"Murder in Mississippi" invokes the killings of James Chaney, Andrew Goodman and Michael Schwerner, three civil rights workers who were rounded up and shot in close range by KKK members and local law enforcement during the Freedom Summer campaign of 1964. The exhibition offers an extended presentation of Rockwell’s development of the work, including an initial sketch (the image that was ultimately printed as an illustration in Look magazine in 1965), process photographs of models, related articles collected by Rockwell, and the final painting, as well as letters from readers responding to the published image. (In correspondence with his editor, Rockwell frets that he hasn’t got the painting just right and laments not being more like Ben Shahn, the renowned social realist painter.) To create the gripping tableau, which depicts a moment when two of the men have been shot and the third waits to be slain, Rockwell used an uncharacteristically painterly approach, abstracting the sepia-colored figures slightly with the effect that they resonate as much as symbols of humanity as individual men.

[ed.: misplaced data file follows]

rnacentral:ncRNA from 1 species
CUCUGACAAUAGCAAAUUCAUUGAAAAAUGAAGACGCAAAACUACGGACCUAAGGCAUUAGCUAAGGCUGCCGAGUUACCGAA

Holding its own in the same gallery is Rockwell’s portrait of a lone girl, Ruby Bridges. In 1960, 6-year-old Bridges became the first black child to attend a white elementary school in New Orleans and the South. In his famed painting, titled The Problem We All Live With, which appeared as a two-page illustration in Look in 1964, Rockwell deploys all of his Saturday Evening Post tricks to different ends. The painted Ruby (like the one captured in news photographs of the time, but different) brims with personality as she strides toward school, head high in a starched white dress and clutching supplies at her side, the slight curve of her lips hinting at a smile. In an earlier kind of Rockwell scene, she might have illustrated an idyllic, everyday American childhood; in this one, U.S. Marshals escort her past a wall defaced with a racial epithet and a thrown tomato (Bridges’ everyday reality, but far from idyllic).

For all of the detail and narrative packed into the picture, one of the most moving things about it is the tone and luminosity of Ruby’s purple-brown skin, which Rockwell has masterfully rendered as velvety soft and beautiful in a wordless rebuke to the nasty scene and to discrimination. To convey the vulnerability and strength of a child juxtaposed with the injustice of prejudice through the materiality of paint is something more than illustration — it’s art.